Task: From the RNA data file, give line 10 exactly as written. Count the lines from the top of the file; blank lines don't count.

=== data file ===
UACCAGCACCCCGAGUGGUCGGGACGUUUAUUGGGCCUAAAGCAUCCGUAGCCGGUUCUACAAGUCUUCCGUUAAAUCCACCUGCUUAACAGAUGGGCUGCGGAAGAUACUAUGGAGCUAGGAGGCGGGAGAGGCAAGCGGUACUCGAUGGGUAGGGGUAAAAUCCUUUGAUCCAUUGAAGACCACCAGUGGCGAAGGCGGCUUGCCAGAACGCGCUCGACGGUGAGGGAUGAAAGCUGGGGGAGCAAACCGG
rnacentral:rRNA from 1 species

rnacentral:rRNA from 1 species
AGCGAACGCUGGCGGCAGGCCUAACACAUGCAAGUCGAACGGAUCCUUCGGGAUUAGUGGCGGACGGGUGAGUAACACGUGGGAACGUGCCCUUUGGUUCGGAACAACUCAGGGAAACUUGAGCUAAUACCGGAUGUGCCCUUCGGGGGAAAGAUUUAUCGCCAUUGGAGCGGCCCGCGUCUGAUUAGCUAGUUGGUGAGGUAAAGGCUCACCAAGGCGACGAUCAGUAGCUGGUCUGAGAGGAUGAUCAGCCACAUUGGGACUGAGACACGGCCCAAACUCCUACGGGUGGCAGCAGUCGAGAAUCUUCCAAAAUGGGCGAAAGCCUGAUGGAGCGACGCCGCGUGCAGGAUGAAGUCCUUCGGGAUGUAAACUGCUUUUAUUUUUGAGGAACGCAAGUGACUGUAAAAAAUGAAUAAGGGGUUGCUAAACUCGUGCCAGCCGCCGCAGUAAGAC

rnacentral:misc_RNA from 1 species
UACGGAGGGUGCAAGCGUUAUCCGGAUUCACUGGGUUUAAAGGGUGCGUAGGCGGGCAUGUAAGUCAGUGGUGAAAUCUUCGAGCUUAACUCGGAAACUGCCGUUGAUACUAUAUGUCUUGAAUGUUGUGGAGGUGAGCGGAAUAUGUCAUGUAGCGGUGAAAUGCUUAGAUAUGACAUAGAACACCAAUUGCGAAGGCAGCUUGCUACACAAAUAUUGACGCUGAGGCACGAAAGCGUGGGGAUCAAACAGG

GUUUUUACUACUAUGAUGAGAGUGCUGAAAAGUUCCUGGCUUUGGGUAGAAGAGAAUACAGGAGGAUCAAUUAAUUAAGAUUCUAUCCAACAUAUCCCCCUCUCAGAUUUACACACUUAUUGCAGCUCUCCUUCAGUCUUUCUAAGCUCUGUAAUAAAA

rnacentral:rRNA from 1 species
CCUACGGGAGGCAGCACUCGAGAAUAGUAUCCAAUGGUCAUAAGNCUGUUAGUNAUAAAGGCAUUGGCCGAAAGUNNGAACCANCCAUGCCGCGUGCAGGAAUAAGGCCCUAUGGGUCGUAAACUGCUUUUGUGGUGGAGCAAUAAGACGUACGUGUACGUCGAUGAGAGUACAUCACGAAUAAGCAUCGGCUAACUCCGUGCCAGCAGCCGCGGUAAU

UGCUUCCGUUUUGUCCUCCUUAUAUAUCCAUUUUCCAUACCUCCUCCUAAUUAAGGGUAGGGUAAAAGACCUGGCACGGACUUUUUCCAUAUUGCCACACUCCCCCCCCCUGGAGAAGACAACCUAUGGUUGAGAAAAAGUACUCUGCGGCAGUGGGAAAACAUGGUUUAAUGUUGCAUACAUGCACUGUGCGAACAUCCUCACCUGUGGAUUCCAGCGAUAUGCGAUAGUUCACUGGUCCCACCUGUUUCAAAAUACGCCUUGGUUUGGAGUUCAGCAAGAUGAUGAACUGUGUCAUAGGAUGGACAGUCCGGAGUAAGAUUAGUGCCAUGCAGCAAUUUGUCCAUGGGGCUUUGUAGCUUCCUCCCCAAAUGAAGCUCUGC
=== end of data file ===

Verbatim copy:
UGCUUCCGUUUUGUCCUCCUUAUAUAUCCAUUUUCCAUACCUCCUCCUAAUUAAGGGUAGGGUAAAAGACCUGGCACGGACUUUUUCCAUAUUGCCACACUCCCCCCCCCUGGAGAAGACAACCUAUGGUUGAGAAAAAGUACUCUGCGGCAGUGGGAAAACAUGGUUUAAUGUUGCAUACAUGCACUGUGCGAACAUCCUCACCUGUGGAUUCCAGCGAUAUGCGAUAGUUCACUGGUCCCACCUGUUUCAAAAUACGCCUUGGUUUGGAGUUCAGCAAGAUGAUGAACUGUGUCAUAGGAUGGACAGUCCGGAGUAAGAUUAGUGCCAUGCAGCAAUUUGUCCAUGGGGCUUUGUAGCUUCCUCCCCAAAUGAAGCUCUGC